The culture of excesses is orchestrated from the top leadership in the state, says Rajeev. In an interview to a television channel last year, Adityanath had said that if people committed crimes in UP, they would be shot dead. “Why is only constable Prashant Chaudhary responsible for Vivek Tiwari’s death? Wasn’t it Adityanath who formed anti-Romeo squads and told them to strike wherever they saw a boy and a girl tog­ether? The constable was doing just that. Tiwari was killed by a mindset that has been cultivated by Adityanath,” says Rajeev. After the incident, the CM sought to assuage sentiments, meeting the victim’s family, and announcing aid of Rs 40 lakh and a government job to the wife. That hasn’t altered the core of the narrative, though.

Other reasons too are ascribed to the UP pol­ice’s high-handedness. A.L. Banerjee, former state DGP, says a lot of recently inducted rank and file police staff do not receive training in as comprehensive a manner as their seniors did. “Around 2008-09, it was decided that the police force needed an additional 2 lakh personnel. Some 40,000 were recruited in one go and trained under inadequate infrastructure. Later, their training period was also cut from nine to six months, which I think was atrocious. Lack of adequate training leads to indiscipline,” says Banerjee, who headed the force between February-December 2014.

On the streets of Lucknow, the conversations flow—the city folk are proverbially fond of talking. It’s midnight and child labourers at the tea shops are sweeping the area clean. Men clad in banyans sit in darkness, rubbing the utensils clean, wrapping up the day’s business. The discussions have taken a morbid turn since last week. A bunch of men in their mid-twenties, come to have tea at Burlington Chauraha, are overheard talking about a viral video from Delhi where an extortionist “put his gun at the belly of a man and fired”. The discussion inevitably strays back to the original incident. “…aur besharmi dekhiye, justify kar rahe thhe shuru mein (And look at their shamelessness. They were defending the constable initially),” one of them says.

Love Taps

A policewoman ­assaulted a Hindu girl for allegedly having an affair with a Muslim, in a now-infamous incident

One Rajesh Yadav, a cloth trader in his early thirties, is sitting in a car with his friend, having flavoured milk in a kulhad. “If there had been even one minor case against Tiwari, they would have made it look like an encounter. ‘He was an old criminal, and there was an exchange of fire for half-an-hour,’ they would have said,” intones Yadav, as he scrapes the inner surface of the kulhad with his finger and licks it. It’s a common theme. Just before him, a lawyer who looked in his fifties reprised it. “Had it been a Muslim, they would have thrown an AK-47 inside and claimed they have shot a terrorist,” said Abdul Razzaque Khan, chairman of the Bar Council of Uttar Pradesh’s executive committee, at Jagran Chauraha, where he had come to have paan.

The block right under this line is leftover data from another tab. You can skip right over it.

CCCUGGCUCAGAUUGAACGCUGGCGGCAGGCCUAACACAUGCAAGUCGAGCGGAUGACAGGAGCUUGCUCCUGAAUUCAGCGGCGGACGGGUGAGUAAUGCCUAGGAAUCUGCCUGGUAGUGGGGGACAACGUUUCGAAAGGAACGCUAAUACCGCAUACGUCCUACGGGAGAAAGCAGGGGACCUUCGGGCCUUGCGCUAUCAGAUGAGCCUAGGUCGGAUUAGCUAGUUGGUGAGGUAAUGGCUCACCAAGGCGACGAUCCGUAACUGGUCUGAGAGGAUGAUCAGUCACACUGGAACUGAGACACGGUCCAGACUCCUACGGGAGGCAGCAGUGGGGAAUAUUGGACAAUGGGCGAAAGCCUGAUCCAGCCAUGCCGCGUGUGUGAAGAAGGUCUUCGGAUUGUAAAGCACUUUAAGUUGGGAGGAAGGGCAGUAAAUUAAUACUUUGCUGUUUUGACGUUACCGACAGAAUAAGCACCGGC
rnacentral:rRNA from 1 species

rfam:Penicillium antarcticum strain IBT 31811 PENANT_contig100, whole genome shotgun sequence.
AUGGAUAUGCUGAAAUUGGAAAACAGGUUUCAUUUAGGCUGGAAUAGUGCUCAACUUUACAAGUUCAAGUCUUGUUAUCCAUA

The policemen sit in ones and twos at the big junctions. In Hazratganj, a group is stationed near a police outpost. The incident has done colos­sal damage to the force’s credibility, and they know it. “No matter how hard a sepoy works, nobody remembers. One small mistake and…” says a young constable, requesting anonymity. A few inspectors also express concerns. “When the Nirbhaya rape happened in Delhi, everybody was asking why the police did not check the vehicle. When we do, we face this. The car was parked there. What if a body was found inside the car next morning?” asks one of them, again requesting anonymity, saying he already has enough worries and doesn’t wish to invite more.

Lucknowis, however, are not in a particularly indulgent mood. Some say the government must not be spared. “This party asked for votes saying they had a kohinoor in their pocket. Gullible as we are, we believed them. The kohinoor turned out to be a plastic one,” says Rakesh Yadav, 45, a road contractor, ruing the delay in payments for government contracts. The city, it appears, will take its time to recover from the shock, and the police and the government have much to do to restore people’s faith.


By Salik Ahmad in Lucknow